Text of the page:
Afterhours consulting for former employer?
March 1, 2012 1:05 PM   Subscribe

I just put in my 2 weeks notice to my current employer. I am their IT department. Should I offer after-hours consulting? What would that really even entail?

For the last 4 years or so I've been basically the IT guy for my company. That means all the backoffice processing, reporting, monitoring, etc have been coded by me. I've also handled most sysadmin duties. After a recent company-wide paycut due to decreased customers/cashflow, I started looking around, and got an offer that's a bit higher than my current salary, and cuts my commute from over an hour to approximately 15 minutes. My boss actually pushed the owners to restore my salary ahead of everybody else, but I just can't take the volatility, and the shorter commute is too attractive.

I do like the people here, for the most part, and I would hate to leave them in a lurch. I like to think that my code is pretty well documented and I'm going to spend most of the next 2 weeks documenting processes and overall architecture, but an entire system like we have is pretty overwhelming. So I was thinking about offering to help out some during after-hours while they transition to somebody new. Some extra spending money is definitely a motivating factor too.

Is that a good idea? How would that even work exactly? Has anybody else done something like this?

posted by anonymous to Work & Money (19 answers total)
I wouldn't offer to consult for them. Just make a clean break and move on. They'll survive without you.

From what you describe, the commute is a pain, as well as the working environment. Just move on.
posted by dfriedman at 1:07 PM on March 1, 2012 [2 favorites]

If you do, make your hourly rate painfully high, like top-of-the-scale high for your field. That way they can reach out if they absolutely have to, but will think twice about doing so. And that way if they do hire you you can feel like it's worth your while.

I also would not answer calls from them during your new working hours, and don't do anything for free. Otherwise, they may call you every two hours for "just some little thing."

Congrats on the new job, shorter commutes are so worth it.
posted by maxwelton at 1:12 PM on March 1, 2012 [22 favorites]

Being in the industry myself, 2 weeks notice is very short for a high-level IT person. I personally wouldn't give less than a month, longer if possible. You ideally should have at least a week with your replacement to ease the transition. That's the best thing you can do for the company you're leaving.

If it's already done, then do your two weeks and move on. Personally I would entertain a consulting position if they offered, but I wouldn't be the one to initiate.
posted by Capa at 1:14 PM on March 1, 2012 [1 favorite]

Also, if you were to consult for them, you need to make sure everything is spelled out in writing ahead of time and the relationship is kept very strict and professional. I've been in small shops and I know how comfortable and homey it gets after a few years, but the relationship needs to be much different as a consultant. A lot can go wrong in that scenario.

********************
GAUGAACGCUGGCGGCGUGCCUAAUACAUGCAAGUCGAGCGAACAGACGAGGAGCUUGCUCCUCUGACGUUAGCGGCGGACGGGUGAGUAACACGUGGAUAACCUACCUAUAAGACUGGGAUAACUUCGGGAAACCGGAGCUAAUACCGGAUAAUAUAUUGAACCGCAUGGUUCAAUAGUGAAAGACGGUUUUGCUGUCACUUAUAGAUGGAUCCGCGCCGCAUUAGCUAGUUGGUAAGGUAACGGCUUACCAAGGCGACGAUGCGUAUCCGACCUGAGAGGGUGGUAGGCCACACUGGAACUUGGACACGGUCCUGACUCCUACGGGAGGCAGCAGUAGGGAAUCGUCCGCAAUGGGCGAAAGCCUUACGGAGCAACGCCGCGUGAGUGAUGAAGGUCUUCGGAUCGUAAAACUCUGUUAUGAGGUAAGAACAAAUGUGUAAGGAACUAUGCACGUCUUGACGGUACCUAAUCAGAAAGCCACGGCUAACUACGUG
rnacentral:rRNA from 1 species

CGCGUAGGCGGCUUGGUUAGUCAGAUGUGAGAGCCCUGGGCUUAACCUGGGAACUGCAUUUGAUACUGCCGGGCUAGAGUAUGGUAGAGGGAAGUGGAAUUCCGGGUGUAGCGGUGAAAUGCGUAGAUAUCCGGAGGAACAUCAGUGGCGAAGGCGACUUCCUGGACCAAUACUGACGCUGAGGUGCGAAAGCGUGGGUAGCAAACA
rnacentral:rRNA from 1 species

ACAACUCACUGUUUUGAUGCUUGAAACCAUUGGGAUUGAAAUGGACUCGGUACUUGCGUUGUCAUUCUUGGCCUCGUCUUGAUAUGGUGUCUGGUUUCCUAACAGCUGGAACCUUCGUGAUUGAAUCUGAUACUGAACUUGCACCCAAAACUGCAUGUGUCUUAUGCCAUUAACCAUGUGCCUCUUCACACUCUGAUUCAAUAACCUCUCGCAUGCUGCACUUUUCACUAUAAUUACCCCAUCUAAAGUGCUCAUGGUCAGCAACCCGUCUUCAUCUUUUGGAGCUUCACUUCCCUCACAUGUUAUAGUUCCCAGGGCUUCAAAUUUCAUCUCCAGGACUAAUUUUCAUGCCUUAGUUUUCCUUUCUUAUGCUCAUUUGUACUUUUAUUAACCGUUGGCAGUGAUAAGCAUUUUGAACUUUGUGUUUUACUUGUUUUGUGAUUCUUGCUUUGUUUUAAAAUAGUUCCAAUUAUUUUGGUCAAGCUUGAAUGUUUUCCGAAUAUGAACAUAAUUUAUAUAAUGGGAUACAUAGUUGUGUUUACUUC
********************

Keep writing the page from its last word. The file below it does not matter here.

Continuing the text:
posted by Capa at 1:19 PM on March 1, 2012 [2 favorites]

I agree with Capa. Usually, there are a few weeks to get a replacement and then two weeks of you basically bringing that person up to speed if there isn't anyone you're leaving behind that is your peer that could so.

You also really don't owe the company anything and should start your new job as soon as possible if it's beneficial to you and you won't be burning any bridges.

If you want to be helpful, offer to give a 30 day notice instead of a two week. In my experience, the consulting thing will just be a headache for both sides.
posted by zephyr_words at 1:23 PM on March 1, 2012

Having done this, just make yourself available for mission-critical things (really, really critical things) like "what's the password to that thing that was in the closet that nobody knew was in the closet that runs the whole business?"

Otherwise, just carry on with your new job. They'll get by.
posted by odinsdream at 1:26 PM on March 1, 2012

I'm also in the industry, and 2 weeks has been pretty standard in my experience. And it's in fact been rare that anyone has ever done a handoff to me when I've gone into a new role. The latest role I had to end up breaking into the IT department's laptop on the first day as the previous IT guy forgot to write his password down and was on a plane to visit his ailing father. It sounds like he's a high level person in that org, but the org is small. As long as there's documentation the next person will do fine.

When I've left other places I have sometimes been asked to do after hours consulting and I always agreed. What I've found in practice is they hardly ever actually take you up on it and if they do, a lot of times it's just an hour or two here and there so I wouldn't expect this to be any sort of windfall. They're going to focus on getting their new guy/gal up and going instead and relying on you as a crutch is an impediment to that.
posted by barc0001 at 1:28 PM on March 1, 2012

On the other hand it sounds like with 2 weeks notice, they may not have a replacement on board when you depart. I would work out your hourly rate at the new joint based on a 40 hour work week, double it, and offer it in terms of "If you guys need emergency help until you're up and running with a new IT person, I can do that from home after hours for $XX per hour." Whether they contact you for everything, for emergencies, or for nothing, this has the advantage of you leaving that job on the best possible terms.
posted by DarlingBri at 1:43 PM on March 1, 2012 [1 favorite]

Also in the industry, and while more than 2 weeks isn't a bad thing, I wouldn't consider it essential, particularly when they've cut your salary. What did they think would happen?
posted by inigo2 at 1:59 PM on March 1, 2012 [3 favorites]

Seems like the prevailing sentiment here is to cut ties and move on. I'm going to offer a different take on it, for a few reasons:

1. From what you said, it sounds like you are leaving on good terms. It is just that you have a more attractive job opportunity. That happens every day, and nobody can fault you for pursuing the new opportunity. Therefore, there's nothing to be gained by cutting ties. On your way out, just say something like, "Just so you know, I'm available after hours as a contractor. If anything comes up that you need my help with, feel free to call me." Maybe they will, maybe they won't. But making the offer lets them know that a) you are available if they need you, and b) that you don't hate their guts. Both of these things will make them happy.